Perrotin’s ‘Late Night Enterprise’ Makes a Fresh Argument for Transgression

The group show includes work by Sophie Calle, Richard Kennedy, Breyer P-orridge and many others.

Paul Anthony Smith’s ‘Untitled (STYLE PON DEM)’ (2021 – 2022). Courtesy of the artist and Perrotin.

It’s not a great time for transgression. Mask wearers and non-mask wearers alike are snapped at for their choices; venturing outside your home with a positive test result before your quarantine’s expired is a legitimately dangerous act; cultural productions of all mediums are picked apart online before they even have a chance to breathe. Thank god for good old physical art, then, and thank god for debuts in real-world spaces. This past Saturday, Perrotin New York debuted their new group show “Late Night Enterprise,” a venture satisfyingly packed with work aimed towards the notion of “how nocturnal economies — romantic, monetary, and corporeal — act as a foil to the sleek logic of daytime activities.”

Sophie Calle’s ‘The Sleepers – Raphaël Brossard’ (1980). Courtesy of the artist and Perrotin.

The range of artists represented here is simply delicious. You have Sophie Calle, a sleuth of human nature whose hotel room snooping missions are the stuff of legend. There’s Breyer P-orridge, whose Shoe Horn #3 takes a platform the artist wore while performing in her dominatrix persona and warps it with a ram horn and brass netting. Paul Anthony Smith’s Untitled (STYLE PON DEM) captures two men, one shirtless and one not, gazing out at the viewer from a night out with unstudied nonchalance. If you look closer, you’ll notice that their thumbs are touching.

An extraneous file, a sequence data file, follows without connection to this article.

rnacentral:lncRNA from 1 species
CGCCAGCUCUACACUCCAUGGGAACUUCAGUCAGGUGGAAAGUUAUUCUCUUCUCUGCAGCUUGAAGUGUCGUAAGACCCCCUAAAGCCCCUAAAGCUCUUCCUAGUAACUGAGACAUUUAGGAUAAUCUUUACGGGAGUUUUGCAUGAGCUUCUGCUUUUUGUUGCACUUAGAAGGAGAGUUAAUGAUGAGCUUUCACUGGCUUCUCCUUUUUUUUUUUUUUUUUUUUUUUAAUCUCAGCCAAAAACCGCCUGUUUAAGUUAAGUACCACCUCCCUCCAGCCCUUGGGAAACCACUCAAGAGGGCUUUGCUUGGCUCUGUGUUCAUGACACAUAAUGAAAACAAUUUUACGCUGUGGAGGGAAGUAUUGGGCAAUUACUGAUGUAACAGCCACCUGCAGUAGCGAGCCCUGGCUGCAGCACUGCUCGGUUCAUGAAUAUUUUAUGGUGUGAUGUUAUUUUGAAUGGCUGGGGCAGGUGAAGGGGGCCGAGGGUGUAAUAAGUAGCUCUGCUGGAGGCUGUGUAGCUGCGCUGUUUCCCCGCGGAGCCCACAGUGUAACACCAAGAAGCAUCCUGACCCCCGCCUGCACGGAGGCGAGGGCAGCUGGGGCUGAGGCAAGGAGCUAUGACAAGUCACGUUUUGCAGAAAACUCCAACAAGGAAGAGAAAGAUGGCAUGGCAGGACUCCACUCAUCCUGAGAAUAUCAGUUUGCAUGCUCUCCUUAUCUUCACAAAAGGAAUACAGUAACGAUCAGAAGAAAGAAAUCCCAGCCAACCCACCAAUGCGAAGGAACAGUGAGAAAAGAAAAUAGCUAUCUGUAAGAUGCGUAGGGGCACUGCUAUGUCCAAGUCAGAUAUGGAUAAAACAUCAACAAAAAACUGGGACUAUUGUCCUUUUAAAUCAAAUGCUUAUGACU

Richard Kennedy’s ‘The War of the Rose?’ (2021). Courtesy of the artist and Perrotin.

People have always tried to pull things off “under cover of darkness,” but what if the witching hour that was supposed to blanket your elicit exchanges highlighted them instead? These theme is reflected in the vivid green hues that a few works in the show exude. Sam McKinniss’s Jennie captures Chloë Sevigny’s Kids ingenue as she wanders through a party, shellshocked in the aftermath of testing positive for HIV, flooded in green. And tendrils of green nets form the backdrop for Richard Kennedy’s huge acrylic and nylon tapestries.

“I started the torn paintings in a manic post Pfizer vaccine come down,” Kennedy told Observer on Wednesday. “Weaving queer triumphs and failures into a cargo net, I was thinking a lot about the notion of tossing flowers to queer icons we lost too soon. I spent a lot of my youth looking for mentors, painting flowers is my way of honoring the generations lost to HIV and queer tragedy. I can’t wait to see what night culture looks like in the near future, as the light of youth and wisdom of queer elders intersects to transform the world into a more colorful space, a place where we can all dance in the twilight of the late night.” Perrotin’s ‘Late Night Enterprise’ Makes a Fresh Argument for Transgression